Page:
Soil drainage as well as soil cultivation and fertilization has considerable influence on the organic matter mineralization rate and changes in the profile structure. Our research suggested that quantitative and qualitative characteristics of peat soil are changing in response to the renaturalization processes and different management. The study set out to estimate chemical and physical properties of Pachiterric Histosol, qualitative and quantitative changes in carbon resulting from different management and renaturalization processes. Wetland and peatland soils are among the largest organic carbon stocks, and their use contributes to carbon emissions or accumulation processes. The focus of our work is research into the peculiarities of organic carbon accumulation and transformation as influenced by different land use of peat soil. Results on the chemical properties of Pachiterric Histosol showed the influence of management and renaturalization on mobile and by pyrophosphate solution extractable humic and fulvic acids and humification degree. We are also exploring the specificities of organic carbon variation in the context of peat renaturalization and are seeking to answer the question as how to optimize the use of peat soils and how to match up this with the renaturalization processes in order to reduce greenhouse gas emissions and contribute to organic carbon accumulation and conservation in the soil.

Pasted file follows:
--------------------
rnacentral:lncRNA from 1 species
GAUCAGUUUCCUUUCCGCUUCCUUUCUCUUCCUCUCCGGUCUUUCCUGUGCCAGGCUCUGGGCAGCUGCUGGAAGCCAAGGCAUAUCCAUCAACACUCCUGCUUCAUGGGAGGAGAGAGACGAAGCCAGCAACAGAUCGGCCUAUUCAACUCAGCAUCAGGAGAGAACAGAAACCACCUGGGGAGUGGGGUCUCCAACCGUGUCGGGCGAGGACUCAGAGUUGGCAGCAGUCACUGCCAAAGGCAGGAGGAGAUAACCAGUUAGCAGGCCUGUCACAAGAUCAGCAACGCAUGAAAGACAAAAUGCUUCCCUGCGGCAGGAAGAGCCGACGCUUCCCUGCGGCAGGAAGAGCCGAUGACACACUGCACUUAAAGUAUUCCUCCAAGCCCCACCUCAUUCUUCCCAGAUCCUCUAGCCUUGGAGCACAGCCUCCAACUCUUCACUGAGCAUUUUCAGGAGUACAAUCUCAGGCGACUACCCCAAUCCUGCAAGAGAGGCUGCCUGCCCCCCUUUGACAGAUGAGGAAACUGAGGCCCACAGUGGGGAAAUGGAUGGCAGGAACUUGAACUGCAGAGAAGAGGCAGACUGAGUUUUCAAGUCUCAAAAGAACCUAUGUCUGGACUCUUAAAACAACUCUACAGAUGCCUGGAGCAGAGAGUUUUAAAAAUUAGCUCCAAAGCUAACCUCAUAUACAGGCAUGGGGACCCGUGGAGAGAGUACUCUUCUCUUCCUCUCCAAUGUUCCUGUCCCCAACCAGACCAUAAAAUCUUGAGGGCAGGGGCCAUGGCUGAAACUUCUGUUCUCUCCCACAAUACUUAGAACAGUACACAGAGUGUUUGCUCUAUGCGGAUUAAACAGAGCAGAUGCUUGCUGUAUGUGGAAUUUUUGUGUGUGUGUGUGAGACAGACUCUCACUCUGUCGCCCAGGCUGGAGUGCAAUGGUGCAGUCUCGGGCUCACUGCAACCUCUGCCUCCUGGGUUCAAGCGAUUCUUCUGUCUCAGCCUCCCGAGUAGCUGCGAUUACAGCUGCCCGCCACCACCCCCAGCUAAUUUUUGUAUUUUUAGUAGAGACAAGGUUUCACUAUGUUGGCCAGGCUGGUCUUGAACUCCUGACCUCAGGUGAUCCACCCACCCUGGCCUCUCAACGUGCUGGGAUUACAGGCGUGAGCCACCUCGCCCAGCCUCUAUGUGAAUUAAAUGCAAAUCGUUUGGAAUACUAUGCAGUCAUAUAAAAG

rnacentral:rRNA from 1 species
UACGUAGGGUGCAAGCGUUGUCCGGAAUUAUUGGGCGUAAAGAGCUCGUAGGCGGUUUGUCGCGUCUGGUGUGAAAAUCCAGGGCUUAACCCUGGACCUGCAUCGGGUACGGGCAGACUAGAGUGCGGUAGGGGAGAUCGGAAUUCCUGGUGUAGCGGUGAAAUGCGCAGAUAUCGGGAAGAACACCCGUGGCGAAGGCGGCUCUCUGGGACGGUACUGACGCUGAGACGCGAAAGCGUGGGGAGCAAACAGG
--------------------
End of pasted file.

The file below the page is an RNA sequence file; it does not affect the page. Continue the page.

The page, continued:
Part of the book: Peat